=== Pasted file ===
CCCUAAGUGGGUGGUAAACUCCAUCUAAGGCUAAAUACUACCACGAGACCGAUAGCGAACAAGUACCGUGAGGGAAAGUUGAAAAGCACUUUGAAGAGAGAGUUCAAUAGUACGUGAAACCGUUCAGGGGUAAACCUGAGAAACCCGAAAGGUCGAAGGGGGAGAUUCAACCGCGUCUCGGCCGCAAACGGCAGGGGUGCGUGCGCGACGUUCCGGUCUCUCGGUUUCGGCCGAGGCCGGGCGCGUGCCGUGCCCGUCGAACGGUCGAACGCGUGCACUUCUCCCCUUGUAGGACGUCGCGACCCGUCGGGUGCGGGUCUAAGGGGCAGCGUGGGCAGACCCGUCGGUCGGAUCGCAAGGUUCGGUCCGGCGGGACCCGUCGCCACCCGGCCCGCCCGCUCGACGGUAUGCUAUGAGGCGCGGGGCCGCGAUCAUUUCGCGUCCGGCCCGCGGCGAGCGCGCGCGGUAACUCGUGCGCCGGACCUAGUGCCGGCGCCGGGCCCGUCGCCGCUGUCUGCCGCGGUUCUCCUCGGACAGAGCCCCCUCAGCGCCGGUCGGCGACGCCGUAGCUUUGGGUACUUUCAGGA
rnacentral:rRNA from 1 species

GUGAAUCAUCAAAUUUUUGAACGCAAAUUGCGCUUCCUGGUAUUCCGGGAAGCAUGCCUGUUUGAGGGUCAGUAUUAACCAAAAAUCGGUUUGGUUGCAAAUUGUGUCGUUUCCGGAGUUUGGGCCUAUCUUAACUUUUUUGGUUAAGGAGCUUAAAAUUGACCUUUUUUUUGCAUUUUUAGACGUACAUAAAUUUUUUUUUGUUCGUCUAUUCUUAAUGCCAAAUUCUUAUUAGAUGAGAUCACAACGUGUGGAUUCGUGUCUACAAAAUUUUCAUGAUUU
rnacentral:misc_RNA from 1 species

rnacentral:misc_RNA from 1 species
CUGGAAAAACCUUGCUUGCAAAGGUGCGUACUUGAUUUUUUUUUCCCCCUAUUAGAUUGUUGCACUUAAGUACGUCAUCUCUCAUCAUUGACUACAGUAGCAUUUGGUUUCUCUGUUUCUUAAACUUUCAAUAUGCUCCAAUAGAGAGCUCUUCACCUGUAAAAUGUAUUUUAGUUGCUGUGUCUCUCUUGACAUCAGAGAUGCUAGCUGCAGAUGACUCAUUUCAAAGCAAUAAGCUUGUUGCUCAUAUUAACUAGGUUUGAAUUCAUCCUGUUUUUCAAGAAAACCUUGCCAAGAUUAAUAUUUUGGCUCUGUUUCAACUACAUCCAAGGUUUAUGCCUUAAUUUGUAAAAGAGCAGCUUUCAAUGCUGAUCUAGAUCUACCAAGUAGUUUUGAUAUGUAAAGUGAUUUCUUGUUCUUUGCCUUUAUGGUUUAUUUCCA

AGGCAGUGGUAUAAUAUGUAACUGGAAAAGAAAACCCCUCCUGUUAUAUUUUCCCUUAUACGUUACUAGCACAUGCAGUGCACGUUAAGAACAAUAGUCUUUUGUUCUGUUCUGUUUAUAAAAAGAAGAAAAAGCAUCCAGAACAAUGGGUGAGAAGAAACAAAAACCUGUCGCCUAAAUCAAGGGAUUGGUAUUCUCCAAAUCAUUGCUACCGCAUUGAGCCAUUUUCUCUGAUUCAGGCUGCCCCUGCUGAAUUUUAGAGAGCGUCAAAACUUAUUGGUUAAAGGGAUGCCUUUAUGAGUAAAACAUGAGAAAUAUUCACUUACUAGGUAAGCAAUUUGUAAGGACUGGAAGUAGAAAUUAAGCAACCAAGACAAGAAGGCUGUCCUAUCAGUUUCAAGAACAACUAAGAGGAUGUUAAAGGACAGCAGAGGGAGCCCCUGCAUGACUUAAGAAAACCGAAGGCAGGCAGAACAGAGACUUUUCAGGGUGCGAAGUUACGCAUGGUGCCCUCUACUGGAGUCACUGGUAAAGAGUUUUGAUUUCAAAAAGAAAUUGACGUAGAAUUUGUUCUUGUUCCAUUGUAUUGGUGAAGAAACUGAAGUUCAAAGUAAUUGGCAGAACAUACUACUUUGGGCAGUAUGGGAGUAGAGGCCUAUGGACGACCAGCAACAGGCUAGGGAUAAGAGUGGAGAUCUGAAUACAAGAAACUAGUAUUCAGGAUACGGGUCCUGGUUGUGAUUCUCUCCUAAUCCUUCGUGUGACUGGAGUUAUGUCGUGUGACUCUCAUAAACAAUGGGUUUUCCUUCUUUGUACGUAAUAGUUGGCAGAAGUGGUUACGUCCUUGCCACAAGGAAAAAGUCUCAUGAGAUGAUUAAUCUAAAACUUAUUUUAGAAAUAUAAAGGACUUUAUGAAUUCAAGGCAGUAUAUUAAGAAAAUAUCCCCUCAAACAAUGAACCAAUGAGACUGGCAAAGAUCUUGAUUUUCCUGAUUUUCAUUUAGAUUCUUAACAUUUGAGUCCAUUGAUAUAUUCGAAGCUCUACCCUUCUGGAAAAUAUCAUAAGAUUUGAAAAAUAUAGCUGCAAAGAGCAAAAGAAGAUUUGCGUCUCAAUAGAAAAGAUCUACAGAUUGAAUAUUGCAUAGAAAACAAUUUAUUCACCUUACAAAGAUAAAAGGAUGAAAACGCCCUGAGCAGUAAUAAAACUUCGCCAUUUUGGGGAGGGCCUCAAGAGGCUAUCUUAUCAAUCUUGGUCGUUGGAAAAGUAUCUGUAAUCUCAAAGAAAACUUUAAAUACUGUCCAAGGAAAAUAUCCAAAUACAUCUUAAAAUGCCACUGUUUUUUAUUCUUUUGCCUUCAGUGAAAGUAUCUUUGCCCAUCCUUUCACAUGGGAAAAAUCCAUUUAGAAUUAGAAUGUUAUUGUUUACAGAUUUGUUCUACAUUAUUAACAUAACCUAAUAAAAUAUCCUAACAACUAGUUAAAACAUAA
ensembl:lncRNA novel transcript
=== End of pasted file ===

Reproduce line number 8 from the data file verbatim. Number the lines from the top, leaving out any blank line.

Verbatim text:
ensembl:lncRNA novel transcript